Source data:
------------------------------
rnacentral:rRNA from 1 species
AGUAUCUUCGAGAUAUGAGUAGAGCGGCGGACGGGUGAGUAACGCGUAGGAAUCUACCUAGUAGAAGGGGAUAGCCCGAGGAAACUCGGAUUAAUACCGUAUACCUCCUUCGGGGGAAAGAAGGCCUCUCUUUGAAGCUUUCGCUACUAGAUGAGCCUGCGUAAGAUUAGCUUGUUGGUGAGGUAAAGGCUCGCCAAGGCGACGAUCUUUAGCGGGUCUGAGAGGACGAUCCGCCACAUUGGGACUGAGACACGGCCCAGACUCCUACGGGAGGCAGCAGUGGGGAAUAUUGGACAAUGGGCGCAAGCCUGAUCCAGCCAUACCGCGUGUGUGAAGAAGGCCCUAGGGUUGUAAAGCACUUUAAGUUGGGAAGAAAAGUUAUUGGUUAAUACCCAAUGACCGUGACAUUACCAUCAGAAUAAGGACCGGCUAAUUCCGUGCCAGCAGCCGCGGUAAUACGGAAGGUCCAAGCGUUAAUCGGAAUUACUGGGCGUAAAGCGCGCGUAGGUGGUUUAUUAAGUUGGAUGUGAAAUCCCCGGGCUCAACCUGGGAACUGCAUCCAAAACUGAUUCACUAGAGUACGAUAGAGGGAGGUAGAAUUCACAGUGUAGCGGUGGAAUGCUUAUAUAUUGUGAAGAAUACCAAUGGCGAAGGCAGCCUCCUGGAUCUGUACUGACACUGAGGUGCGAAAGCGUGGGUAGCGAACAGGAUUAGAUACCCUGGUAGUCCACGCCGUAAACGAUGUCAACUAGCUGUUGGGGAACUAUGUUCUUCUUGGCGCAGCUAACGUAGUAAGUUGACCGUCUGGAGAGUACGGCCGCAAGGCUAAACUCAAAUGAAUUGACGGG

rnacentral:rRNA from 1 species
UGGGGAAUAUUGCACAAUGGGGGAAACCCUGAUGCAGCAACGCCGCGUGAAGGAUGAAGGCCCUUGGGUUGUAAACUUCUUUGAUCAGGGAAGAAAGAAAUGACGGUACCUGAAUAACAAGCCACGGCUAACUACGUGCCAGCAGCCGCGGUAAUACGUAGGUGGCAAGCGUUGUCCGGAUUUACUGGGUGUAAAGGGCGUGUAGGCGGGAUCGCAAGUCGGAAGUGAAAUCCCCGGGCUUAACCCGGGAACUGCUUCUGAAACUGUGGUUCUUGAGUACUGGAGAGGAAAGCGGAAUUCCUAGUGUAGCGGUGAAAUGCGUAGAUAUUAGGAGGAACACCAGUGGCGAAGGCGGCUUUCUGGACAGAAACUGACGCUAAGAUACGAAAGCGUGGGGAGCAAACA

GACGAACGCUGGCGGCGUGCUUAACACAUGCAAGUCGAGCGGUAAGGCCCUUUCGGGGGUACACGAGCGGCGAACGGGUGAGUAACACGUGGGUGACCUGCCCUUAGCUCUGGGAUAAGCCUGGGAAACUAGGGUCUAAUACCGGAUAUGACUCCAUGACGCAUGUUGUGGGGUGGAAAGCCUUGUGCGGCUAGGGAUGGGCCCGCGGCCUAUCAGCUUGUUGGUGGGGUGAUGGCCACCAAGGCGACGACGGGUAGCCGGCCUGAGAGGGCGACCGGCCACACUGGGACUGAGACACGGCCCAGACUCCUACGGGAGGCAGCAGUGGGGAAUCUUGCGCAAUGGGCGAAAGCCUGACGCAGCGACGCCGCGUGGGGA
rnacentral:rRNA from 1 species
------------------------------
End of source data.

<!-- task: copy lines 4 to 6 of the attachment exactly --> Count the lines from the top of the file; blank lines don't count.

UGGGGAAUAUUGCACAAUGGGGGAAACCCUGAUGCAGCAACGCCGCGUGAAGGAUGAAGGCCCUUGGGUUGUAAACUUCUUUGAUCAGGGAAGAAAGAAAUGACGGUACCUGAAUAACAAGCCACGGCUAACUACGUGCCAGCAGCCGCGGUAAUACGUAGGUGGCAAGCGUUGUCCGGAUUUACUGGGUGUAAAGGGCGUGUAGGCGGGAUCGCAAGUCGGAAGUGAAAUCCCCGGGCUUAACCCGGGAACUGCUUCUGAAACUGUGGUUCUUGAGUACUGGAGAGGAAAGCGGAAUUCCUAGUGUAGCGGUGAAAUGCGUAGAUAUUAGGAGGAACACCAGUGGCGAAGGCGGCUUUCUGGACAGAAACUGACGCUAAGAUACGAAAGCGUGGGGAGCAAACA

GACGAACGCUGGCGGCGUGCUUAACACAUGCAAGUCGAGCGGUAAGGCCCUUUCGGGGGUACACGAGCGGCGAACGGGUGAGUAACACGUGGGUGACCUGCCCUUAGCUCUGGGAUAAGCCUGGGAAACUAGGGUCUAAUACCGGAUAUGACUCCAUGACGCAUGUUGUGGGGUGGAAAGCCUUGUGCGGCUAGGGAUGGGCCCGCGGCCUAUCAGCUUGUUGGUGGGGUGAUGGCCACCAAGGCGACGACGGGUAGCCGGCCUGAGAGGGCGACCGGCCACACUGGGACUGAGACACGGCCCAGACUCCUACGGGAGGCAGCAGUGGGGAAUCUUGCGCAAUGGGCGAAAGCCUGACGCAGCGACGCCGCGUGGGGA
rnacentral:rRNA from 1 species